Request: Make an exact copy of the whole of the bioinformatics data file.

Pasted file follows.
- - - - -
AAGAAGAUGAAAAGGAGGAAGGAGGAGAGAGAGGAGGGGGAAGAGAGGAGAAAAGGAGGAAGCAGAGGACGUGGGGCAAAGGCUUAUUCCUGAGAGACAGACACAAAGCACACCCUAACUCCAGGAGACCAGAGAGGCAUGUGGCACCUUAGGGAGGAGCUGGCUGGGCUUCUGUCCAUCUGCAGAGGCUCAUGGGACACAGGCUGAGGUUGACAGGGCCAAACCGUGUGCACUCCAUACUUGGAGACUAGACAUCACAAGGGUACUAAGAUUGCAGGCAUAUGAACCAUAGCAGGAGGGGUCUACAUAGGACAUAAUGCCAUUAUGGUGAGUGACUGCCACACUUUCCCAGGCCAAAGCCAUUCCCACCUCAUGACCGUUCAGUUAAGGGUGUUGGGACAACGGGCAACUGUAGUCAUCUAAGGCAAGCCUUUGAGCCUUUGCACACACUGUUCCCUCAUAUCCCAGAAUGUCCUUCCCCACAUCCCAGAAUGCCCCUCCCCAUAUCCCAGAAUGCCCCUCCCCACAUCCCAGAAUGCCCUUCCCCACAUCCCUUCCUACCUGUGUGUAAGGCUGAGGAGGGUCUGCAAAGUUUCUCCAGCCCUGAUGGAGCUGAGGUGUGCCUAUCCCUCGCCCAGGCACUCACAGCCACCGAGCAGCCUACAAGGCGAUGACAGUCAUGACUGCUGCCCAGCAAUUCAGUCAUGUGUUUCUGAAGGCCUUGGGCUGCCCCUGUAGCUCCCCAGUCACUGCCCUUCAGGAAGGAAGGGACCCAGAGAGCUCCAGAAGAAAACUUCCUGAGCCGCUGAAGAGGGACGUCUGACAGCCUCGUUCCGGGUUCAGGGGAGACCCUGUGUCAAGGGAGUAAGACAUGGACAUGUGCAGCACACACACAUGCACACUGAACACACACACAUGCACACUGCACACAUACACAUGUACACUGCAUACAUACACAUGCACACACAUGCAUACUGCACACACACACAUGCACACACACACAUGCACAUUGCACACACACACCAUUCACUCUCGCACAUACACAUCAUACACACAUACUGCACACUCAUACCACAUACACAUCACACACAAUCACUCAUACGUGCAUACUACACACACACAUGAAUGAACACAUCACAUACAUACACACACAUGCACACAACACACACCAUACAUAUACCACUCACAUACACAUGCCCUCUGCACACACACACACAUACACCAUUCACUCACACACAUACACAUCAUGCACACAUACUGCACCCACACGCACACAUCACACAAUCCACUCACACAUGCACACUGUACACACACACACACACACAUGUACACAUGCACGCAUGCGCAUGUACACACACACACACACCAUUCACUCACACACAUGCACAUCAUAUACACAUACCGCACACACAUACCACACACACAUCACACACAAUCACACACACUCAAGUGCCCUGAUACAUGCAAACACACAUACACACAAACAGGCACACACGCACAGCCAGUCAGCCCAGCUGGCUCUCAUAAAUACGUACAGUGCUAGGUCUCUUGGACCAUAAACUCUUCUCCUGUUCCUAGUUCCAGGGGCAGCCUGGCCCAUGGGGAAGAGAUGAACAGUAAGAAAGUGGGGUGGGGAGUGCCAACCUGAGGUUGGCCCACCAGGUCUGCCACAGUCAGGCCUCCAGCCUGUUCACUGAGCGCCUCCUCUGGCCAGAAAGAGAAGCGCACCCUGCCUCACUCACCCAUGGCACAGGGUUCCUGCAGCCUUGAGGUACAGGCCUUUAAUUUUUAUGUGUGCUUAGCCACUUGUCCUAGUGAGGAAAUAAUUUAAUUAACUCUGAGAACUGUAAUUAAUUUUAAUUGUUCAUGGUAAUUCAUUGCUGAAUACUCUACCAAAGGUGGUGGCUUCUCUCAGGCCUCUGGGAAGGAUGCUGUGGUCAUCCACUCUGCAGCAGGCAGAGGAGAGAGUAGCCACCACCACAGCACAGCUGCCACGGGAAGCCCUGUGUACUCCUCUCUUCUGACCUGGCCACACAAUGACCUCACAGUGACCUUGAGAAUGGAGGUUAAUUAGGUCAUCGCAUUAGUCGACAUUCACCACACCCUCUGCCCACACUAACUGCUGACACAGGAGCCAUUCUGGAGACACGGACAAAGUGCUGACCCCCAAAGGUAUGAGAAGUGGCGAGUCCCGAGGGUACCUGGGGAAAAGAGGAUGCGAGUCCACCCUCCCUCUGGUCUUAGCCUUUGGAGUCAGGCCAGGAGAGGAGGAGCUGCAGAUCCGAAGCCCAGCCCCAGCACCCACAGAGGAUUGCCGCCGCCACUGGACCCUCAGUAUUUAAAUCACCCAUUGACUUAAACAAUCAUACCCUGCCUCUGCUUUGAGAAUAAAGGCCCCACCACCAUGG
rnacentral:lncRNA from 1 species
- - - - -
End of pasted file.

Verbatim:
AAGAAGAUGAAAAGGAGGAAGGAGGAGAGAGAGGAGGGGGAAGAGAGGAGAAAAGGAGGAAGCAGAGGACGUGGGGCAAAGGCUUAUUCCUGAGAGACAGACACAAAGCACACCCUAACUCCAGGAGACCAGAGAGGCAUGUGGCACCUUAGGGAGGAGCUGGCUGGGCUUCUGUCCAUCUGCAGAGGCUCAUGGGACACAGGCUGAGGUUGACAGGGCCAAACCGUGUGCACUCCAUACUUGGAGACUAGACAUCACAAGGGUACUAAGAUUGCAGGCAUAUGAACCAUAGCAGGAGGGGUCUACAUAGGACAUAAUGCCAUUAUGGUGAGUGACUGCCACACUUUCCCAGGCCAAAGCCAUUCCCACCUCAUGACCGUUCAGUUAAGGGUGUUGGGACAACGGGCAACUGUAGUCAUCUAAGGCAAGCCUUUGAGCCUUUGCACACACUGUUCCCUCAUAUCCCAGAAUGUCCUUCCCCACAUCCCAGAAUGCCCCUCCCCAUAUCCCAGAAUGCCCCUCCCCACAUCCCAGAAUGCCCUUCCCCACAUCCCUUCCUACCUGUGUGUAAGGCUGAGGAGGGUCUGCAAAGUUUCUCCAGCCCUGAUGGAGCUGAGGUGUGCCUAUCCCUCGCCCAGGCACUCACAGCCACCGAGCAGCCUACAAGGCGAUGACAGUCAUGACUGCUGCCCAGCAAUUCAGUCAUGUGUUUCUGAAGGCCUUGGGCUGCCCCUGUAGCUCCCCAGUCACUGCCCUUCAGGAAGGAAGGGACCCAGAGAGCUCCAGAAGAAAACUUCCUGAGCCGCUGAAGAGGGACGUCUGACAGCCUCGUUCCGGGUUCAGGGGAGACCCUGUGUCAAGGGAGUAAGACAUGGACAUGUGCAGCACACACACAUGCACACUGAACACACACACAUGCACACUGCACACAUACACAUGUACACUGCAUACAUACACAUGCACACACAUGCAUACUGCACACACACACAUGCACACACACACAUGCACAUUGCACACACACACCAUUCACUCUCGCACAUACACAUCAUACACACAUACUGCACACUCAUACCACAUACACAUCACACACAAUCACUCAUACGUGCAUACUACACACACACAUGAAUGAACACAUCACAUACAUACACACACAUGCACACAACACACACCAUACAUAUACCACUCACAUACACAUGCCCUCUGCACACACACACACAUACACCAUUCACUCACACACAUACACAUCAUGCACACAUACUGCACCCACACGCACACAUCACACAAUCCACUCACACAUGCACACUGUACACACACACACACACACAUGUACACAUGCACGCAUGCGCAUGUACACACACACACACACCAUUCACUCACACACAUGCACAUCAUAUACACAUACCGCACACACAUACCACACACACAUCACACACAAUCACACACACUCAAGUGCCCUGAUACAUGCAAACACACAUACACACAAACAGGCACACACGCACAGCCAGUCAGCCCAGCUGGCUCUCAUAAAUACGUACAGUGCUAGGUCUCUUGGACCAUAAACUCUUCUCCUGUUCCUAGUUCCAGGGGCAGCCUGGCCCAUGGGGAAGAGAUGAACAGUAAGAAAGUGGGGUGGGGAGUGCCAACCUGAGGUUGGCCCACCAGGUCUGCCACAGUCAGGCCUCCAGCCUGUUCACUGAGCGCCUCCUCUGGCCAGAAAGAGAAGCGCACCCUGCCUCACUCACCCAUGGCACAGGGUUCCUGCAGCCUUGAGGUACAGGCCUUUAAUUUUUAUGUGUGCUUAGCCACUUGUCCUAGUGAGGAAAUAAUUUAAUUAACUCUGAGAACUGUAAUUAAUUUUAAUUGUUCAUGGUAAUUCAUUGCUGAAUACUCUACCAAAGGUGGUGGCUUCUCUCAGGCCUCUGGGAAGGAUGCUGUGGUCAUCCACUCUGCAGCAGGCAGAGGAGAGAGUAGCCACCACCACAGCACAGCUGCCACGGGAAGCCCUGUGUACUCCUCUCUUCUGACCUGGCCACACAAUGACCUCACAGUGACCUUGAGAAUGGAGGUUAAUUAGGUCAUCGCAUUAGUCGACAUUCACCACACCCUCUGCCCACACUAACUGCUGACACAGGAGCCAUUCUGGAGACACGGACAAAGUGCUGACCCCCAAAGGUAUGAGAAGUGGCGAGUCCCGAGGGUACCUGGGGAAAAGAGGAUGCGAGUCCACCCUCCCUCUGGUCUUAGCCUUUGGAGUCAGGCCAGGAGAGGAGGAGCUGCAGAUCCGAAGCCCAGCCCCAGCACCCACAGAGGAUUGCCGCCGCCACUGGACCCUCAGUAUUUAAAUCACCCAUUGACUUAAACAAUCAUACCCUGCCUCUGCUUUGAGAAUAAAGGCCCCACCACCAUGG
rnacentral:lncRNA from 1 species